Despite my best intentions to stay clear of the blogosphere during what’s proving to be a blissfully peaceful summer break, I couldn’t resist this one. The arbiters of all that is decent in Sin City are at it again. First it was Bill Henson, now it’s Del Kathryn Barton. What, to me, looks like a perfectly innocuous photograph of the artist’s son with his torso be-speckled with clusters of adhesive boggle-eyes (pictured at left) has been withdrawn from a charity exhibition to benefit the Sydney Children’s Hospital. According to an article published today by Robert Nelson in The Age online, it was determined that the artwork breached the hospital’s ‘visual protocols’ which are very strict when it comes to all things child-related.
There’s no point in rehashing the arguments against this type of censorship, most of which have been expressed eloquently and effectively in print by many people including Nelson and Tamara Winikoff of NAVA (not to mention David Marr in his exceptional essay, The Henson Case, published in book form by Text Publishing). The best way to understand the fuss is to bear in mind one of the most common themes artists have been grappling with in the post- (or post-post-) modern era: that a response to an artwork is inevitably informed by the viewer’s own life experience and personal history. No two people will react in the same way, or take away the same message from a single work of art. It’s all in the eye of the beholder. As someone who has studied art history, I look at Barton’s photograph and see iconographic references, whether intentional on the artist’s part or not – the gentle contrapposto stance speaking of a figure at rest, and the classic ‘fig-leaf’ pose as used to great effect in Jean-Baptiste Greuze’s 18th century painting (below right) to convey modesty and awareness of the viewer’s gaze.
A work of art is a mirror – you see yourself and your own perceptions in reflection. I like to think that’s why Barton included a bubble in her photo – I find myself peering into its reflective surface to see whether I can see myself, or perhaps it’s captured a glimpse of the artist herself, as in the wall-mounted mirror in Jan van Eyck’s Marriage of the Arnolfini. But that’s just my reading. The parent of a boy the same age would see something quite different. As would a person who had been molested as a child. It goes without saying that a pedophile would also respond to this image in a manner that is thankfully foreign to the great majority of us. But it’s impossible to eliminate all images from circulation that might titillate a person with such incomprehensible sexual urges. Depressingly, the most pervasive message communicated to society at large from all this fuss is that a child’s body is a shameful thing, even where it’s the sexualisation of the child’s innocence via the adult gaze that causes all the harm.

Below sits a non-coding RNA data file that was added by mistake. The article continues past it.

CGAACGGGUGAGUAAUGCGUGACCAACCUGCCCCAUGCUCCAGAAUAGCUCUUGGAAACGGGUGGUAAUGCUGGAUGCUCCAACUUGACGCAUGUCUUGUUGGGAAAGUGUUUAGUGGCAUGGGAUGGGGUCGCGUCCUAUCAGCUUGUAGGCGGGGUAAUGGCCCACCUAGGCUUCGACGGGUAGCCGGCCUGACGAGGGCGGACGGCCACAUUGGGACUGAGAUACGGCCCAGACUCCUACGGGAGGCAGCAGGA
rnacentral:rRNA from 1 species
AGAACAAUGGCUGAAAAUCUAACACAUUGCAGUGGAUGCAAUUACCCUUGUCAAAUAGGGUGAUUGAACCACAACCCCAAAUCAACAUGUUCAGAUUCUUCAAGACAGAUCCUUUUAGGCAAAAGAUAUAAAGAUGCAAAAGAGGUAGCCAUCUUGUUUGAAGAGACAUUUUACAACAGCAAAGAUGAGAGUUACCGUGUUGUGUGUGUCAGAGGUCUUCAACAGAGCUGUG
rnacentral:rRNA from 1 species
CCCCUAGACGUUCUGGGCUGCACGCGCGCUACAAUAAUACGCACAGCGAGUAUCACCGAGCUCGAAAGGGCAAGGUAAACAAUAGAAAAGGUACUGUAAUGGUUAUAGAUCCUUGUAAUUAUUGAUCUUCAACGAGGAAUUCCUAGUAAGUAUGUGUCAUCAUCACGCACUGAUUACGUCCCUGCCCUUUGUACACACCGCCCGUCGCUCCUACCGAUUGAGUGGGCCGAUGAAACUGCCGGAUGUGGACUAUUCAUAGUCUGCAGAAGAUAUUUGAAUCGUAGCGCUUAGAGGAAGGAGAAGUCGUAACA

Let’s return to the Greuze painting, though. Unlike Barton’s photograph, the exposed breast and the symbolic use of a ‘broken water jug’ tells us that this was an allegorical painting with very strong sexual overtones. This visual language would have been understood by most, if not all, 18th century viewers. But you may not have thought about it if I hadn’t elaborated. See how it’s done? All in eye of the beholder.
What caused me to pen a response to this was inspired by a visit to the National Gallery of Victoria yesterday. Hanging from the gallery’s façade are two ginormous banners promoting the Gustave Moreau exhibition currently on show (at left – apologies – yet another in my series of embarrassingly bad iPhone photos). Both feature near-naked female figures, not to mention a very young child without any clothing – the child is an infant – many years younger than Barton’s son in the controversial photograph.
Why are the Moreau images deemed acceptable for public consumption? Is it because they’re paintings, and old ones at that? Perhaps it’s because the child has wings and so is clearly an angel/putto. Are naked women OK provided they’re above a certain age? But what of the marked lack of hair down below on the female figure on the right? Could that mean she’s pre-pubescent? What if we found out that the models used by Moreau were teen prostitutes (they weren’t, necessarily, but permit me to mess with your mind here)? Would that change the way you viewed the female forms displayed here? Would you feel differently about these images if you thought they depicted children in their early teens? And what of the salacious invitation to be “seduced by the femmes fatales, heroines, queens, goddesses & temptresses of Gustave Moreau”?
These images have been cleansed by the purifying effect of history. But consider the public response if they had been painted recently, and in a photo-realist style? Or how about if the image on the left was produced as a photograph with live models and used as a Windsor Smith shoe advertisement? Imagine the uproar.
Last but not least, what makes the following image OK (relatively speaking… Anne Geddes… urgh)? At what age do we start to become squeamish about a child or young person with a dearth of clothing?
That’s enough thinking for me. Back to the blissfully bucolic summer break.
Happy 2011 to you all.
(images: photograph by Del Kathryn Barton via The Age; photograph: ‘Twins’ by Anne Geddes)